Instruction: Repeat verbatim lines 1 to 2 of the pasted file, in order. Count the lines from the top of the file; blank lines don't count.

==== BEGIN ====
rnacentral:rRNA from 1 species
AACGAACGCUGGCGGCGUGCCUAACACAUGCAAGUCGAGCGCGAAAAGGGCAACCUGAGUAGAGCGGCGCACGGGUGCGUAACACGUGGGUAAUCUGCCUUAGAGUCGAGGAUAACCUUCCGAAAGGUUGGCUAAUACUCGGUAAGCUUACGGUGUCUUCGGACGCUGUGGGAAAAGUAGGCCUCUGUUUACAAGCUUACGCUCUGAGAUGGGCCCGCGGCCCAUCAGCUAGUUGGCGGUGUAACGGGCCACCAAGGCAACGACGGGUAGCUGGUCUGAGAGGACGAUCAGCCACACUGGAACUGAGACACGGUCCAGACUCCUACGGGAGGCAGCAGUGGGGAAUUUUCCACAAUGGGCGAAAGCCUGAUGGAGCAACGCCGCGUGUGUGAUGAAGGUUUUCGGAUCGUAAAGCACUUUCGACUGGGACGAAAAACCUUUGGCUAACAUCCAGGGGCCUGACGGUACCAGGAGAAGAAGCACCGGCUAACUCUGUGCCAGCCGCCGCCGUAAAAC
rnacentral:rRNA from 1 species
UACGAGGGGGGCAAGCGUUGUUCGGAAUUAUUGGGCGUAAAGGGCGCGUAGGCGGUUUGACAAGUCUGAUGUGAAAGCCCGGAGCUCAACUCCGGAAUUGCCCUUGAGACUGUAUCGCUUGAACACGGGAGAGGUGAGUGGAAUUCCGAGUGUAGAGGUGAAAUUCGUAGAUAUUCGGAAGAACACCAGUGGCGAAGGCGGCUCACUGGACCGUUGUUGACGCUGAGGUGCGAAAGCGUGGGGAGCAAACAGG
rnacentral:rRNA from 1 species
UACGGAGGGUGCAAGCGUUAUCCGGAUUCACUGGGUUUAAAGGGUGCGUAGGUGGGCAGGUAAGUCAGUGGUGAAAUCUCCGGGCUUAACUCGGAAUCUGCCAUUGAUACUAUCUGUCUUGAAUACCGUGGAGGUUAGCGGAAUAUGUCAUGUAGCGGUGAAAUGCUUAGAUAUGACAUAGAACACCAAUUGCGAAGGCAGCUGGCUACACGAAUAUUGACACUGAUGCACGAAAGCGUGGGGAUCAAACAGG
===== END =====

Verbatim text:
rnacentral:rRNA from 1 species
AACGAACGCUGGCGGCGUGCCUAACACAUGCAAGUCGAGCGCGAAAAGGGCAACCUGAGUAGAGCGGCGCACGGGUGCGUAACACGUGGGUAAUCUGCCUUAGAGUCGAGGAUAACCUUCCGAAAGGUUGGCUAAUACUCGGUAAGCUUACGGUGUCUUCGGACGCUGUGGGAAAAGUAGGCCUCUGUUUACAAGCUUACGCUCUGAGAUGGGCCCGCGGCCCAUCAGCUAGUUGGCGGUGUAACGGGCCACCAAGGCAACGACGGGUAGCUGGUCUGAGAGGACGAUCAGCCACACUGGAACUGAGACACGGUCCAGACUCCUACGGGAGGCAGCAGUGGGGAAUUUUCCACAAUGGGCGAAAGCCUGAUGGAGCAACGCCGCGUGUGUGAUGAAGGUUUUCGGAUCGUAAAGCACUUUCGACUGGGACGAAAAACCUUUGGCUAACAUCCAGGGGCCUGACGGUACCAGGAGAAGAAGCACCGGCUAACUCUGUGCCAGCCGCCGCCGUAAAAC